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Academic Publishing: Personal Stories

November 13, 2019

Mentioning the 20 yrs delay between the initial printing of Hunter’s important book, Paul and His Predecessors, and its subsequent publication and scholarly notice, put me in mind of other stories of the unexpected problems that can arise in academic publishing.  Here are a few of my own.

My PhD thesis was successfully submitted and the degree awarded early in 1973.  Not long thereafter, my supervisor, Eldon Epp, encouraged me to submit it for publication in the prestigious monograph series, “Studies and Documents” (founded by Kirsopp Lake in the early 20th century.  I did so and awaited word on it.  But there was no word for several years.  I learned later that the series was for a few years without a publisher, and there were some personal problems among the editorial board.  I was a church pastor 1971-75 and had other things on my plate, so I didn’t think about the delay much.

But when I took up an academic post in 1975, I became concerned to get my study out.  Then, in 1977, the series reactivated with the publication of Harry Gamble’s landmark study, The Textual History of the Letter to the Romans, which showed persuasively that the earliest edition of Romans included chapters 15 and 16.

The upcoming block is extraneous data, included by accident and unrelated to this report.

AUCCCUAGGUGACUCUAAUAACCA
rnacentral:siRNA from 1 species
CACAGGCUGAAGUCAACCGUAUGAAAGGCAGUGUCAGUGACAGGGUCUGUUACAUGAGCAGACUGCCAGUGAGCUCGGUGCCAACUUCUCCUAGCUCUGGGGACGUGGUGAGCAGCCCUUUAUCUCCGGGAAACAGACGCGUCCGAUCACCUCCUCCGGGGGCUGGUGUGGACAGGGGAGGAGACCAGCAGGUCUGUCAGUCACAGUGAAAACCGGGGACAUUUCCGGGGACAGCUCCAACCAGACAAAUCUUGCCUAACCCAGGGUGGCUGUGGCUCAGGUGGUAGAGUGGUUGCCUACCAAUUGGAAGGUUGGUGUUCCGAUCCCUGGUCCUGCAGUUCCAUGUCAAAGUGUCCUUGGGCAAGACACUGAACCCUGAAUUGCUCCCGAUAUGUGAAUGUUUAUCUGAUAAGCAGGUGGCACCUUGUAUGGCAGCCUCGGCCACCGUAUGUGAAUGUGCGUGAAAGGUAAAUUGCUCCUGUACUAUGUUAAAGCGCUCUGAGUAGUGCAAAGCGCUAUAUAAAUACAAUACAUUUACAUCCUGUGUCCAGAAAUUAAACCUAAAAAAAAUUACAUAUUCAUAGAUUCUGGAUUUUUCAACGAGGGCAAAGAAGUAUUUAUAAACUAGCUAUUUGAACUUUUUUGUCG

Not long thereafter (sometime early in 1978, I think), I was informed that the editors were ready to proceed toward publication of my thesis.  We had to negotiate some revisions, among them the inclusion of another manuscript, and a focus on the manuscripts then often referred to as “Pre-Caesarean.”  What with an academic move (to the University of Manitoba), marriage, and other things, I submitted the revised manuscript in summer 1979.  But the book didn’t appear until 1981, some eight years after it was first submitted for publication.

After publication, I’m pleased to note, my analysis and argument seems to have won the day.  The so-called “Pre-Caesarean” manuscripts (Codex Washingtonianus and P45) did not in fact exhibit any meaningful relationship to the manuscripts thought to represent the “Caesarean Text” in Mark.  The textbooks were accordingly re-written.  It was a long wait, but a satisfactory ending.

Fortunately for me, my first two academic appointments seem to have rested more on strong recommendations and on people being impressed with papers that I gave at academic conferences.  Today, it’s rare for one to get a junior appointment in the UK without that first book.  But I scraped through.

My second book was a general-reader commentary on the Gospel of Mark, commissioned by the editors of a then-new series in 1978 to be published by Harper & Row.  I duly undertook the task, and submitted the manuscript on time.  The commentary appeared then in 1983.  But, for some reason, by that point the publisher seems to have lost interest in the series.  It was one of the better kept secrets of the time!  I noted one review, however, that judged it the best general-reader commentary on Mark in English (but that was 1983).